Ahead of speaking at Insurance2025 on 3 July, Sam White sits down with Insurance Times to discuss the changing company culture and what needs to be done to attract the next generation

Is the insurance industry agile enough to face the fast changing landscape of technology and changing customer needs?

I don’t think it is. But I also don’t think that is limited to the insurance industry. The pace of change in technology is catching a lot of traditional industries off guard, and we have seen that more prevalently in the financial services sector than anywhere else.

To me, it is exciting, and I think it opens up opportunities for new players to come in and do things differently.

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Pukka chief executive, Sam White


With a lot of different companies coming to insurance like Amazon, Google, insurtechs and auto manufacturers, what kind of company will prosper in future? And what kind of company is in danger of being left behind?

Within any sector, businesses that are capable of providing a consumer experiences that are seamless and engaging , will far surpass any of their competition.

The insurance industry, is currently not performing very well in this regard – it’s falling well behind.I am sure that some players will catch up and overcome some of the obstacles of the overall journey.

But also, the next generation isn’t just demanding good products and good consumer journeys, they expect businesses to have a much broader sense of purpose and to have a very different attitude towards customers and employees.

You mean social responsibility and being involved with social issues?

Yes, absolutely. The generation which is coming up is much more educated on what is going on in the world in terms of environment, or potential injustices, or abuses of power.

I think it is an absolutely fascinating time to be in business., as the whole construct of business is being challenged for the better.

I was looking at a lot of evidence around organisational design. How we choose to work is really coming under fire at the moment and insurers are still very traditional in that respect. I think that the propositions that they put forward to consumers will be a real challenge for them in the next few years.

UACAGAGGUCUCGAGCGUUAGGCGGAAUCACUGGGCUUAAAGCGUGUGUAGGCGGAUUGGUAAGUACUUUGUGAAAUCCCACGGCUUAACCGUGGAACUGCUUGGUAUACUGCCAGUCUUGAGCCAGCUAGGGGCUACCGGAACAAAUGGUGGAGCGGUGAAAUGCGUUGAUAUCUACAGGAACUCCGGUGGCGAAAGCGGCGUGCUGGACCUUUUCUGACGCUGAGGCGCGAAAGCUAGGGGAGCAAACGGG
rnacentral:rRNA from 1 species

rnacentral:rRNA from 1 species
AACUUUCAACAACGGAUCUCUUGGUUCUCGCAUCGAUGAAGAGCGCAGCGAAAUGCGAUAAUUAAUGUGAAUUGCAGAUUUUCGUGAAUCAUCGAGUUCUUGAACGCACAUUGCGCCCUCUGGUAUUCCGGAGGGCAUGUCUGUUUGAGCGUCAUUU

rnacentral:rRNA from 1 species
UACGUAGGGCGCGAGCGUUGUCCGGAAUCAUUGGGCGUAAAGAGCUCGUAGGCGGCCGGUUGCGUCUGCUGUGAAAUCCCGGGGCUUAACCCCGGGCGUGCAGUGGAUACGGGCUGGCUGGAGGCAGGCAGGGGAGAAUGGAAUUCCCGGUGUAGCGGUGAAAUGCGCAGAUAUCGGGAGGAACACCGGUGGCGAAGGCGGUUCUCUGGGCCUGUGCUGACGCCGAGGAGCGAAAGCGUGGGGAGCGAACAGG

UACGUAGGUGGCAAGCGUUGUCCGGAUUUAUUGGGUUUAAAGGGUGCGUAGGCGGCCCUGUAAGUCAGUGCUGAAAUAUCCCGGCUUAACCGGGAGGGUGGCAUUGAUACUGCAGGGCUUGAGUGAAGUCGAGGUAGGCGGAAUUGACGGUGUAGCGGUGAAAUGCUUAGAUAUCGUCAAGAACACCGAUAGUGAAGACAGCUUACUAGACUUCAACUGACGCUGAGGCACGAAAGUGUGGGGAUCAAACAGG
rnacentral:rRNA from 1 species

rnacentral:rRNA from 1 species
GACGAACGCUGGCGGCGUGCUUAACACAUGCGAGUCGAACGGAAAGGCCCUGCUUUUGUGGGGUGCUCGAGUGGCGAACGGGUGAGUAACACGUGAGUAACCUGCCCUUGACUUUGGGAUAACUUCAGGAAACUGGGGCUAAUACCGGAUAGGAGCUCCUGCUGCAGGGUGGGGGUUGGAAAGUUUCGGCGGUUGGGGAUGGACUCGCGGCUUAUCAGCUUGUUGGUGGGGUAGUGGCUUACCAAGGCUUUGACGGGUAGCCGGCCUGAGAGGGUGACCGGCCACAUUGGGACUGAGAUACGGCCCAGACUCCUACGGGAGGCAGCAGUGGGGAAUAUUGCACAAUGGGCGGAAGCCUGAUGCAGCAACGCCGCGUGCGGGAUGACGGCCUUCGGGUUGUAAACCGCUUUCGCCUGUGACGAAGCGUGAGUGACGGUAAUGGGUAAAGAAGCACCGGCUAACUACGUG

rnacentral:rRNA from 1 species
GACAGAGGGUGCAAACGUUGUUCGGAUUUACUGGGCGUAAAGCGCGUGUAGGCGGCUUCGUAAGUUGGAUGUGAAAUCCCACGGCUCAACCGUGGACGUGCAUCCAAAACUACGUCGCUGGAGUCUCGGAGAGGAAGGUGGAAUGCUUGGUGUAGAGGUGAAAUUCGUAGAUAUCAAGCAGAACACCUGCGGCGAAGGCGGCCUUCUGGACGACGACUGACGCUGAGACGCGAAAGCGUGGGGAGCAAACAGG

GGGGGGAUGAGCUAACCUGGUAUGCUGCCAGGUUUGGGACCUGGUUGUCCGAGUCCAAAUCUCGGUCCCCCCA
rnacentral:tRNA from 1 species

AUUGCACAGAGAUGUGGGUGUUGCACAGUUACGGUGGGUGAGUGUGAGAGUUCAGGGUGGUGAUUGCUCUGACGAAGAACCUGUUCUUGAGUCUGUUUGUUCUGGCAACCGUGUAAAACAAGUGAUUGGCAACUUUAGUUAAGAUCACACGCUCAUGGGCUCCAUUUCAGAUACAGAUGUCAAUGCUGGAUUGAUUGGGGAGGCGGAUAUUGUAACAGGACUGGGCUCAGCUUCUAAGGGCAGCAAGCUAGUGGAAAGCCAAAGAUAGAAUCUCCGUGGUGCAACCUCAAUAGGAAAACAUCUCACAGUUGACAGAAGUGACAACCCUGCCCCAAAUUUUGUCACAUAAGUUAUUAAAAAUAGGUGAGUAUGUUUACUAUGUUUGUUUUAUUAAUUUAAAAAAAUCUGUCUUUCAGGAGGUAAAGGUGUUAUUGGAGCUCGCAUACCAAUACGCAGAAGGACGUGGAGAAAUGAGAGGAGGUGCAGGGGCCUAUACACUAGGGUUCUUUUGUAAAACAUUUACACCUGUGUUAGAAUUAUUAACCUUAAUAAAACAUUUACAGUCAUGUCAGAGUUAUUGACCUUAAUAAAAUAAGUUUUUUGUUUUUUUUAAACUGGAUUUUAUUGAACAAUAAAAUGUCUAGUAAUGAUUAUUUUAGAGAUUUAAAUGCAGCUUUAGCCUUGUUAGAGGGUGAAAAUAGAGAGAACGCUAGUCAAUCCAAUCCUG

The word ‘millennial’ is used quite a lot nowadays. But as you said this generation coming, they are very concerned with the environment and different social issues. How would you say the work force is changing and how is the make-up of staff going to be changing?

I think that the whole concept of corporate hierarchy is under fire and it’s actually the cause l of this kind of conflict.

You used the term ‘millennials’.I hate this phrase as I think it’s often time used in quite a derogatory way. I don’t see it that way.

I think the traditional corporate environment was very hierarchical, and the organisational design was very much separated into two categories - the “thinkers” and then the “doers”. The “thinkers” of course being the decision makers and the “doers” being the workers.

I think that the millennial generation are the first generation to call time on that. They want to have input in the working environment and make decisions which enable them to genuinely make a difference.

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Catch Sam White speaking at Insurance2025 on 3 July at etc. venues in London’s St. Pauls

I think that is exactly as it should be, and I think that in order to be able to cope with the sheer speed of change from a technology viewpoint, you need to empower people to be able to make real time decisions.

They need to be able to use their intelligence, intuition and on the ground information in the right way. So, I think the workforce themselves will demand that the balance of power between management and staff is severely shifted.

So hierarchy is something that needs to change, and the millennial generation will be a force of change in the upcoming years? For people who have been in the insurance industry for a long time, do you think they, if they fail to adapt, are in danger in falling behind?

100%. You can see it already in some of the new tech startups and what they are able to offer and the way in which they are able to engage consumers.

There is very little loyalty in insurance companies as there is very little emotional connections.